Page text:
West Virginia University was looking to protect student and staff data... and it found a solution, reports Greg Masters.
When West Virginia University (WVU) was established in 1867 along the banks of the Monongahela River, the patent filing for the telephone was still a decade away, so conveying messages took some time. Fast forward about 150 years, and WVU was facing another challenge with its communications, but this time it was a massive increase in the amount of data traversing its network.
The institution has come a long way from its earliest days as an agricultural college, assembled on the foundation of two former academies and a woman's seminary and nestled on land that had once been hotly contested among early settlers, British and French military and Native Americans. Now, along with Morgantown Personal Rapid Transit system, a monorail that connects WVU's three Morgantown campuses with the downtown area, systems are needed as well to transfer data of the institute's growing population. For its fall 2011 semester, around 33,000 students enrolled. Add to that approximately 6,500 faculty and staff on the main campus in Morgantown, as well as spread across several regional campuses in Montgomery and Keyser, and that's a lot of personally identifiable information (PII) to protect.
With the ever-increasing threat landscape and new attacks being launched daily, Alex Jalso (left), assistant director in the Office of Information Security at WVU, needed to ensure that web applications, either developed in-house or purchased from vendors, did not have vulnerabilities that would put the university at risk. It was time to transition from a reactive to a proactive approach, he says.“If a university website containing PII is compromised, there is the direct cost of providing identity protection to all who are impacted and the indirect cost of bad publicity to the university,” he says.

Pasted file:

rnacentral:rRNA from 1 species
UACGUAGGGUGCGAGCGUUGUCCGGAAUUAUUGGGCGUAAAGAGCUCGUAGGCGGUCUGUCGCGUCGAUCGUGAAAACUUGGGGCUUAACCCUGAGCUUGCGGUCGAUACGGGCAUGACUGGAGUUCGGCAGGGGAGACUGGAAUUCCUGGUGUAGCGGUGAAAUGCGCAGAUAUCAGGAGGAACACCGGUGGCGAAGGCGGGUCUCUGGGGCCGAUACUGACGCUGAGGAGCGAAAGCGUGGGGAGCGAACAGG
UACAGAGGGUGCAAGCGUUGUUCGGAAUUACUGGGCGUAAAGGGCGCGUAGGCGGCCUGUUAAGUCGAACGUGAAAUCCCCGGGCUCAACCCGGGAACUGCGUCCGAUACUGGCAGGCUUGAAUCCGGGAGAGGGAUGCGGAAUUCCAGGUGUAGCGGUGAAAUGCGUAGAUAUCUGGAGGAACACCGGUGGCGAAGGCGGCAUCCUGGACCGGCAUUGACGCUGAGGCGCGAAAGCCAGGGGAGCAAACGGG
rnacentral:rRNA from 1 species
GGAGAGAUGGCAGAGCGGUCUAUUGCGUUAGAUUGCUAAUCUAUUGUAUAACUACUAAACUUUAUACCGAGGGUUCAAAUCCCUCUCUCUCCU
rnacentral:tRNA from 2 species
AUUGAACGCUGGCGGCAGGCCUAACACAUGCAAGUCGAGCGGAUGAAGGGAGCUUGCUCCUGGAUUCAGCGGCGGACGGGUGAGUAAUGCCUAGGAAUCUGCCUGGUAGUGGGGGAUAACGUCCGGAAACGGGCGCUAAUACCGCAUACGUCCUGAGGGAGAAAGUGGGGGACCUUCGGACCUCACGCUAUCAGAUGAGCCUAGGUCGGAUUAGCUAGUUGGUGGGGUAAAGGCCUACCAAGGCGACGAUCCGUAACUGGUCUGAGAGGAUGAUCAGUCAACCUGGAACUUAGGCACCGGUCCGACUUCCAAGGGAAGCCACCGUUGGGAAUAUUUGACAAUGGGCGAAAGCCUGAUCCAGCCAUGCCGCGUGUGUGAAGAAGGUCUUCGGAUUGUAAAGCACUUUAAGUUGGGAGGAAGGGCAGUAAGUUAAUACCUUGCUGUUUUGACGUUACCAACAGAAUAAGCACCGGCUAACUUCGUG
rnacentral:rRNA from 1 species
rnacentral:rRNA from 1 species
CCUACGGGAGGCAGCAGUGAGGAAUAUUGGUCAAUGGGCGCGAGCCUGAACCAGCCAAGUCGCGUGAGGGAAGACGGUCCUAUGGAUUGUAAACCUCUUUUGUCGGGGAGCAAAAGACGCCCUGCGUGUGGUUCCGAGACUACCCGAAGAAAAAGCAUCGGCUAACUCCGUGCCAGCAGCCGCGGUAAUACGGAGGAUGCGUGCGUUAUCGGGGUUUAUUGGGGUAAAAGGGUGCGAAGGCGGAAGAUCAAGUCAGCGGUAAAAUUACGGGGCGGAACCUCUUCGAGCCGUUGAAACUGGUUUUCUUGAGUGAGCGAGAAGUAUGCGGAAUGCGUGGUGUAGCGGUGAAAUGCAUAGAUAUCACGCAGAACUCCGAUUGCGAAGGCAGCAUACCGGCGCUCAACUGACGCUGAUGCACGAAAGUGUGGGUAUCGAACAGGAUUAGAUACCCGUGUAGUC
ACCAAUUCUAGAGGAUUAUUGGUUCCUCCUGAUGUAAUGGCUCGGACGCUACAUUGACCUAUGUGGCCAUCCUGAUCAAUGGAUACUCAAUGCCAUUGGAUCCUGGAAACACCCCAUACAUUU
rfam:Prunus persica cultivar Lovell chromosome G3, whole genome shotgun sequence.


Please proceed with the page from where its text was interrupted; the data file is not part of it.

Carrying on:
The search is on
Jalso and his staff – along with the WVU Office of Information Technology, which provides educational and administrative computing information – began looking at solutions that might help protect this confidential student and staff data.When Jalso came on board, the university already had in place IBM's Rational AppScan, a software tool that performs vulnerability testing to assess applications for security flaws. Assessing the university's security posture, Jalso says there was no need to make any changes.
A noticeable benefit is that the tool provides extensive reporting and collaboration capabilities. This was integral to the WVU's needs – not just for staff keeping an eye on network activity, but for auditors checking in on the university's compliance to a number of mandates and guidelines. Jalso found the tool's ability to share results in a controlled fashion through a web-based reporting interface to be particularly useful.“Reports can be created for different audiences, such as security professionals, developers, compliance officers and management,” adds IBM's Danahy. “AppScan has also been designed to integrate with software development lifecycle tools, allowing teams to make security testing part of their process, rather than an expensive afterthought.”